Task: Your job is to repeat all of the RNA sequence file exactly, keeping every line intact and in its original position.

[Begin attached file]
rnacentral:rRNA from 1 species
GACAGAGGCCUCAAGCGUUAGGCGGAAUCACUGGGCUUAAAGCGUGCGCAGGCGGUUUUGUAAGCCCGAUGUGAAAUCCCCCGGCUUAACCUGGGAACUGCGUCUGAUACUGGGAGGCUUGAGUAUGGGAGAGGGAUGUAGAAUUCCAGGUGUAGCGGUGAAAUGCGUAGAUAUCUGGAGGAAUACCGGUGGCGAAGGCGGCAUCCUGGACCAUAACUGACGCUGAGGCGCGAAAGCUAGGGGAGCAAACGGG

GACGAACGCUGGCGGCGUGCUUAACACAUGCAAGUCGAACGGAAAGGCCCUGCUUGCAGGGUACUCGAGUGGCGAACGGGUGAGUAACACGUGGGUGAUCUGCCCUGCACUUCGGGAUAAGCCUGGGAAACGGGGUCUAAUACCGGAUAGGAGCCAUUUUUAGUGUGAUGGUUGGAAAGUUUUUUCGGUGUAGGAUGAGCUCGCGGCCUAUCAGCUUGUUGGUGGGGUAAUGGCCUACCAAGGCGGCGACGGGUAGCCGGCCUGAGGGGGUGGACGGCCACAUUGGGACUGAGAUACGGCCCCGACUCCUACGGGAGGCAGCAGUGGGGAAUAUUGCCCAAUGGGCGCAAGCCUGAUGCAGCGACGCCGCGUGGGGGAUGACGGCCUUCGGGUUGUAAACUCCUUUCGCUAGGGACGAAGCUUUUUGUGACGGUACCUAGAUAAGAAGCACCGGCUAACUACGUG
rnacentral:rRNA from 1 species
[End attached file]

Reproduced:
rnacentral:rRNA from 1 species
GACAGAGGCCUCAAGCGUUAGGCGGAAUCACUGGGCUUAAAGCGUGCGCAGGCGGUUUUGUAAGCCCGAUGUGAAAUCCCCCGGCUUAACCUGGGAACUGCGUCUGAUACUGGGAGGCUUGAGUAUGGGAGAGGGAUGUAGAAUUCCAGGUGUAGCGGUGAAAUGCGUAGAUAUCUGGAGGAAUACCGGUGGCGAAGGCGGCAUCCUGGACCAUAACUGACGCUGAGGCGCGAAAGCUAGGGGAGCAAACGGG

GACGAACGCUGGCGGCGUGCUUAACACAUGCAAGUCGAACGGAAAGGCCCUGCUUGCAGGGUACUCGAGUGGCGAACGGGUGAGUAACACGUGGGUGAUCUGCCCUGCACUUCGGGAUAAGCCUGGGAAACGGGGUCUAAUACCGGAUAGGAGCCAUUUUUAGUGUGAUGGUUGGAAAGUUUUUUCGGUGUAGGAUGAGCUCGCGGCCUAUCAGCUUGUUGGUGGGGUAAUGGCCUACCAAGGCGGCGACGGGUAGCCGGCCUGAGGGGGUGGACGGCCACAUUGGGACUGAGAUACGGCCCCGACUCCUACGGGAGGCAGCAGUGGGGAAUAUUGCCCAAUGGGCGCAAGCCUGAUGCAGCGACGCCGCGUGGGGGAUGACGGCCUUCGGGUUGUAAACUCCUUUCGCUAGGGACGAAGCUUUUUGUGACGGUACCUAGAUAAGAAGCACCGGCUAACUACGUG
rnacentral:rRNA from 1 species